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Category Archives: Patents
For an account that covers reasonably well the context for universities getting involved in patenting, see Elizabeth Popp Berman’s 2006 paper “Why Do Universities Patent? The Role of the Federal Government in Creating Modern Technology Transfer Practice” (draft here). What … Continue reading
It starts with Dubilier. In 1933, the Supreme Court decided in Dubilier that federal employees, just because they were employed, did not give up their personal–Constitutional–rights in inventions that they made. Considering the possible differences between private employment and federal … Continue reading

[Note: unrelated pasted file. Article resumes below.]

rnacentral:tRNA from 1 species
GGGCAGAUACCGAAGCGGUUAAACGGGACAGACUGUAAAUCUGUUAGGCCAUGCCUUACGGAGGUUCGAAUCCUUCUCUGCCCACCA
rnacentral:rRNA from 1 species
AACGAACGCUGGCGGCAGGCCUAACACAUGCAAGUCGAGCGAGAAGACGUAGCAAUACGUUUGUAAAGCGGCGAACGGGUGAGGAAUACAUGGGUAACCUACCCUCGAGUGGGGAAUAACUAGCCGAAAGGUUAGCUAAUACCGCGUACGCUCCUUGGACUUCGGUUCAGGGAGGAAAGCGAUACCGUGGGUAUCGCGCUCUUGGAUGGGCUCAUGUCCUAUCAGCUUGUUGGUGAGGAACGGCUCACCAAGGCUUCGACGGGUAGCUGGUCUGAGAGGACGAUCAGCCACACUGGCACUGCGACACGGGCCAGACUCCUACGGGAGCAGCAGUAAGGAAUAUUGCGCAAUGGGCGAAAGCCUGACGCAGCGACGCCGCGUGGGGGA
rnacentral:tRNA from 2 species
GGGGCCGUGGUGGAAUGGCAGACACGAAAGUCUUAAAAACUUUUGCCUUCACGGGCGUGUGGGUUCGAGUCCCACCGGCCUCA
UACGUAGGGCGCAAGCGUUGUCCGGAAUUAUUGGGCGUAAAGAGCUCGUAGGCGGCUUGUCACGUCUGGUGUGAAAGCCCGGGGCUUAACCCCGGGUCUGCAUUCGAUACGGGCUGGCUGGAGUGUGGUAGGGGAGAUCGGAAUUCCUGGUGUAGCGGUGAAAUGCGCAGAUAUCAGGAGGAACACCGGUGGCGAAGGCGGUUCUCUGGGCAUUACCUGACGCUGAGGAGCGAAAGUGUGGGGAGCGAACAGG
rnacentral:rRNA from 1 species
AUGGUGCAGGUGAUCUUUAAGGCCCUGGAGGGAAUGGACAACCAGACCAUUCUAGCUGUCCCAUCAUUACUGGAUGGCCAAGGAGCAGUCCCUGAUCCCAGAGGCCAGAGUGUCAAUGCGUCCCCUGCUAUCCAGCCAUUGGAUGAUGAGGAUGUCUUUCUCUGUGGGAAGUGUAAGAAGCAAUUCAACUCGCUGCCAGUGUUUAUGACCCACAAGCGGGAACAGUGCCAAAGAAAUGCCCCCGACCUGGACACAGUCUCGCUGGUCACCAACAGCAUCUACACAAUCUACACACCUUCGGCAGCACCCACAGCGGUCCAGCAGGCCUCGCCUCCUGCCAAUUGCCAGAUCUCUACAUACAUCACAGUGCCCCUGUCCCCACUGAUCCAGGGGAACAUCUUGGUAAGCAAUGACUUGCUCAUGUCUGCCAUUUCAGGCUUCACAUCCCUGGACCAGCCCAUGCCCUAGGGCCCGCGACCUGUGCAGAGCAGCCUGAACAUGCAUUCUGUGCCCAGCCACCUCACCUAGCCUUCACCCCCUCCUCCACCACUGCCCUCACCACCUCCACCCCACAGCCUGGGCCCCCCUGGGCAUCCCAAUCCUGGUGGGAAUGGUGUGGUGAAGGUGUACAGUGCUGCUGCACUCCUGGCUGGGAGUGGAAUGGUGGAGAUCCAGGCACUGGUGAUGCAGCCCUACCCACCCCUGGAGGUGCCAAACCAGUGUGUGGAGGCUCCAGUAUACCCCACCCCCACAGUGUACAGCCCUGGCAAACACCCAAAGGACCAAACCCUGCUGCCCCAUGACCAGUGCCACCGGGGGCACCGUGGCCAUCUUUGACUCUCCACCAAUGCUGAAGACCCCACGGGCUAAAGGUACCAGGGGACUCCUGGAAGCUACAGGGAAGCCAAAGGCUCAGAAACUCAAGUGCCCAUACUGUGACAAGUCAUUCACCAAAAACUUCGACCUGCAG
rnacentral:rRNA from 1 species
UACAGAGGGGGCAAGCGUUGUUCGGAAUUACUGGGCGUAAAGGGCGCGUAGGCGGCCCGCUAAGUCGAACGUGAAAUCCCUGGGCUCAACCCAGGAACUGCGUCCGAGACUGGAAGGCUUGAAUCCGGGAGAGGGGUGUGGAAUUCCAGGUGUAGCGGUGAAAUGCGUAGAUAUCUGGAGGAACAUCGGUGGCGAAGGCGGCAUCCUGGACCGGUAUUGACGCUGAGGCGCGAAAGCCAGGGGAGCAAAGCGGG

In Medical Monopoly Joseph Gabriel describes how Charles Goodyear used patents to lock out competitors from using his process for “vulcanizing” rubber without a license. We will use Gabriel’s account to consider alternatives to the prevailing university narrative about how … Continue reading
Here’s US patent 10322827. One of the “UFO” patents. It’s interesting physics, if not controversial, for being innovative in an institutional world that has made innovation mostly boring. But we are concerned with something else here.
James Madison, writing in the Federalist (43), discusses the Constitution’s patent clause. The discussion is brief, so here it is, with comments: A power “to promote the progress of science and useful arts, by securing, for a limited time, to … Continue reading